A: It has really allowed me to learn more about myself because I have been here for four years. In high school, I didn’t speak to anyone; I was really quiet. Now, in college, I’m more talkative and I learned that through the bakery and by talking to people there. Every time there is a challenge, you have to work your way through it. It has really helped me grow and I’m really, really grateful for that. I came to college for two reasons: The first was to learn how to be more social and to learn and develop academically. But academics was not my sole focus in college. It was also to become more social because I was really lacking in that aspect. The bakery has helped me with that part. So I would definitely say I have learned a lot at Miami. And in addition to earning a degree and learning from the classroom and non-classroom aspects of that process, the bakery has really, really helped me too. It is definitely a highlight of my collegiate career. If I think back to college, I will think of the bakery first, before any academics actually. I’ve learned how to speak with people and how to solve problems. I’ve learned how to understand that a problem may come from something and then how to fix it before it does. I’ve learned how to figure out what someone’s problem is when talking to them and how to solve it. I can determine why they’re walking toward me and fix it right then and there so a really quick way to make it more efficient. I’ve also learned how to be really, really efficient. But yeah, it has definitely helped in the social aspects.

Q: Any advice for applying/working for MU Dining?

A: Pay attention when you come to work. Come to work and be respectful of it, too. Follow your schedule, show up on time, wear the correct attire. It’s a two-way street; if you’re saying you’re going to work for someone, actually do it. Try to look beyond your job duties and figure out what’s really going on around you because that will really help you learn about the environment that you’re in.

Q: What are some of your hobbies? Interests?

A: When I still lived on campus, I was really big into Residence Hall Life like CLT and RHA. Then I moved off campus and that became a void because I was no longer on campus. I am in a sorority, Alpha Epsilon Phi, and I’ve also been really into chess lately. I’m not good: it takes years and years to get even remotely good at it, but it’s really interesting to me! I’ll definitely be spending more time after college learning about chess and playing a bit. That’s one hobby right now, anyway. I’m also President of a Culinary Association. I’ve been in that organization for three semesters now as President. It’s been a great experience too because it’s also helped me grow as a leader. There are challenges and problems that arise, so I’ve had to learn how to handle them. I’m the only administrator, for lack of a better word, so if people have a problem they come to me and I work to find an answer. There’s also a lot of chefs and I get to work with them, which is great.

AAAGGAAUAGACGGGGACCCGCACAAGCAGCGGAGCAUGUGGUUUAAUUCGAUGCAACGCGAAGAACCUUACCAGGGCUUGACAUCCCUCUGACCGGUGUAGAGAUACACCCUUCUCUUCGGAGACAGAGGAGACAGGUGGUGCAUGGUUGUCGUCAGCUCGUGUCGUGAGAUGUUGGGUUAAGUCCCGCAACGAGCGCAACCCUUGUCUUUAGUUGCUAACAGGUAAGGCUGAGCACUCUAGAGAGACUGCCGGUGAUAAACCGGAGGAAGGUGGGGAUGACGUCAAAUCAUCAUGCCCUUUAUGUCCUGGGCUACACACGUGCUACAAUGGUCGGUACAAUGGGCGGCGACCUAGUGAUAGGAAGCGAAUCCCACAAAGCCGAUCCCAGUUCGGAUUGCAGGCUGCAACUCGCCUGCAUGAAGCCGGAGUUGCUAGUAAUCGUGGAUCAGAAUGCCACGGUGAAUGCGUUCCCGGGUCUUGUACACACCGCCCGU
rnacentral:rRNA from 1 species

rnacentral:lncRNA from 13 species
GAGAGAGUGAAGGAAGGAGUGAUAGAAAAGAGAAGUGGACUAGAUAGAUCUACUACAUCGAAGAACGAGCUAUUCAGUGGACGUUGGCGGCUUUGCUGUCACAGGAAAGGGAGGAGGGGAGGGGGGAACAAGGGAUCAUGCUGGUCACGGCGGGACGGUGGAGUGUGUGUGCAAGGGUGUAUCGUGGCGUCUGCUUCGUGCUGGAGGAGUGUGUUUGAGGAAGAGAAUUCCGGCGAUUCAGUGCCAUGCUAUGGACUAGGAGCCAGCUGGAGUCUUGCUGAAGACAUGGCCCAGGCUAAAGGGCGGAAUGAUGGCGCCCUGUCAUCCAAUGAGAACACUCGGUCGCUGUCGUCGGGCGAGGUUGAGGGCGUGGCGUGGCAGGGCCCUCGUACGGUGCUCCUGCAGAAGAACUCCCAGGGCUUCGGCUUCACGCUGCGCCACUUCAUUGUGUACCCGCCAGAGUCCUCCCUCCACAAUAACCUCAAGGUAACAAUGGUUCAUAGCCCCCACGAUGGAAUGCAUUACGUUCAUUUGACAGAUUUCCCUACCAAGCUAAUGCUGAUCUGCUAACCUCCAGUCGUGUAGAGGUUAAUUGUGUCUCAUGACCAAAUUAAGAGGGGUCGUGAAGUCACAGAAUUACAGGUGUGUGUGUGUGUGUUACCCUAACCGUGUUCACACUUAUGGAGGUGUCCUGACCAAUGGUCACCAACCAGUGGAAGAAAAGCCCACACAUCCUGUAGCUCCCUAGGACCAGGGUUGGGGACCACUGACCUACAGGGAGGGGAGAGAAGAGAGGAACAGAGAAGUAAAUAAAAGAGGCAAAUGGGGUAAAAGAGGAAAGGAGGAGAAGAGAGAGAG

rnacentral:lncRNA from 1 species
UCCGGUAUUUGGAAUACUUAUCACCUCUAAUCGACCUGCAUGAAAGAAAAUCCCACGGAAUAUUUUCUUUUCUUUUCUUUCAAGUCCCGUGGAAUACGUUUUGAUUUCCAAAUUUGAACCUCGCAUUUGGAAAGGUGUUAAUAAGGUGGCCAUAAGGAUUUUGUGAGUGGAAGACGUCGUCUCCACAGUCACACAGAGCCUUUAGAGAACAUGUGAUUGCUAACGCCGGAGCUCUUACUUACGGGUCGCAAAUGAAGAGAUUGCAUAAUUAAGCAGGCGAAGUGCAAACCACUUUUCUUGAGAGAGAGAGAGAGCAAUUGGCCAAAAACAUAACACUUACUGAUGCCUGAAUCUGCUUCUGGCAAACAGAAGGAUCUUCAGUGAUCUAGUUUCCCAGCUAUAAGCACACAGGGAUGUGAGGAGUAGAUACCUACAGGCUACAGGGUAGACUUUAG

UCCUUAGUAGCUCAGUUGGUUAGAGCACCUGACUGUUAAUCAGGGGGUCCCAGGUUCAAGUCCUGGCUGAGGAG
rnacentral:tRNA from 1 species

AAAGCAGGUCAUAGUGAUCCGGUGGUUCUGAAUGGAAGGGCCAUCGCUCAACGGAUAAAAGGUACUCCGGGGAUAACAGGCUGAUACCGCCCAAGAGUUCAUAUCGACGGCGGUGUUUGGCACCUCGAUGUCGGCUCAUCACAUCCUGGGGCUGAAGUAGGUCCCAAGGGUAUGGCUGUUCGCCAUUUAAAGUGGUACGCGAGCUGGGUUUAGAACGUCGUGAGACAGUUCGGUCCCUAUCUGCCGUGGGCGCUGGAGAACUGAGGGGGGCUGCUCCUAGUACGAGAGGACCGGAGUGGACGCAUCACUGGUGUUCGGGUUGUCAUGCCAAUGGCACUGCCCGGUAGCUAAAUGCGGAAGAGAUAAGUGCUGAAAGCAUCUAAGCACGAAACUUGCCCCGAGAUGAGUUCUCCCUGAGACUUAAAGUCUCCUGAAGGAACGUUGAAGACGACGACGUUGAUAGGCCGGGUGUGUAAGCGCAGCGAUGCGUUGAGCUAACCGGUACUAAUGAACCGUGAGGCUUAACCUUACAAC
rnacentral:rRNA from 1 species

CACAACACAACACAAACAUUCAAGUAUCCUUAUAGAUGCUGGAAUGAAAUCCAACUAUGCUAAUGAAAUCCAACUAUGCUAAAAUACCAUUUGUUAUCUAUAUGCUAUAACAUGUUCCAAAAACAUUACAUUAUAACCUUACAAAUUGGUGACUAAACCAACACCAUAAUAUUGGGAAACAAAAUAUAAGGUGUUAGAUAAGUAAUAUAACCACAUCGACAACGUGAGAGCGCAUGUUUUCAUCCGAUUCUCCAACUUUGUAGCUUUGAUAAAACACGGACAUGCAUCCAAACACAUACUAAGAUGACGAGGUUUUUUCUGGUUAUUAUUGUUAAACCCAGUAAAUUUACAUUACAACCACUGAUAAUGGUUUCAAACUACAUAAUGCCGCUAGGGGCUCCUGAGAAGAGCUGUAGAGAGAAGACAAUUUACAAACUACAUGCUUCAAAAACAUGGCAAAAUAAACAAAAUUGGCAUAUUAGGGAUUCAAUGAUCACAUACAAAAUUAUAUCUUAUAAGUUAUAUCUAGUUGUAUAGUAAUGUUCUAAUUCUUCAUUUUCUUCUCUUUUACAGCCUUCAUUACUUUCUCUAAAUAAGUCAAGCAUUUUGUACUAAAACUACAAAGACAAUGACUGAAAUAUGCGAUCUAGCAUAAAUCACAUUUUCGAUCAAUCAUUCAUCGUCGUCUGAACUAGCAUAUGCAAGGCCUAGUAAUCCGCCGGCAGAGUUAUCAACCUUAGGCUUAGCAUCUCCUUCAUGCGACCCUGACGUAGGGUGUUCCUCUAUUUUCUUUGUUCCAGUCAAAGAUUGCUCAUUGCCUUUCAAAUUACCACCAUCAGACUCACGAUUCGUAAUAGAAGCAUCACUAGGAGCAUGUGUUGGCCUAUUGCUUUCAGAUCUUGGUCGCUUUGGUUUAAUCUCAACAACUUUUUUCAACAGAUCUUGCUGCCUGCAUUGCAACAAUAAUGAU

Q: Favorite dish to prepare? Eat?

A: I would probably have to lean more toward the bakery side instead of culinary. I definitely like cookies. Just a basic chocolate chip cookie. Or a Reese’s muffin because I’m around that all the time. Pretty much any baked good.

Q: Favorite TV show?

A: At the moment, Survivor, because it’s going on right now. It’s getting close to ending so we’re about to know who the final winner is. I’ve been watching Survivor for a few seasons. It’s really interesting watching people interact, the whole social interaction aspect of the show. Like I said, I started learning how to be social in college, which is a really late time to do that. So seeing that in the show—how they all interact and manipulate each other—is really interesting. So yeah, Survivor just because it’s really interesting and fun. It’s relaxing to watch.

Q: Cat or dog?

A: Cat … or kitten, actually.

Q: Sweet or salty?

A: Probably sweet, for the bakery part. I like them both, but I have to say sweet.

Q: What is one thing that every Miami student should have on their Miami Bucket List?

A: They should have a lot! I actually have a bucket list and I have to get it all done in two weeks. Make your bucket list for Miami before your final two months of your senior year. I have so much stuff to do. The biggest thing: hike in Western Woods or just hike around Oxford—Pfeffer Park, especially. It’s really beautiful. The geography surrounding Oxford is actually very special. Pfeffer Park is definitely special, geographically speaking. So yeah, just hike around: preferably when it’s warmer out! Also, watch the sunsets and sunrises on campus. Or go find a location and sit there and wait for the sunrise or sunset and then just enjoy it.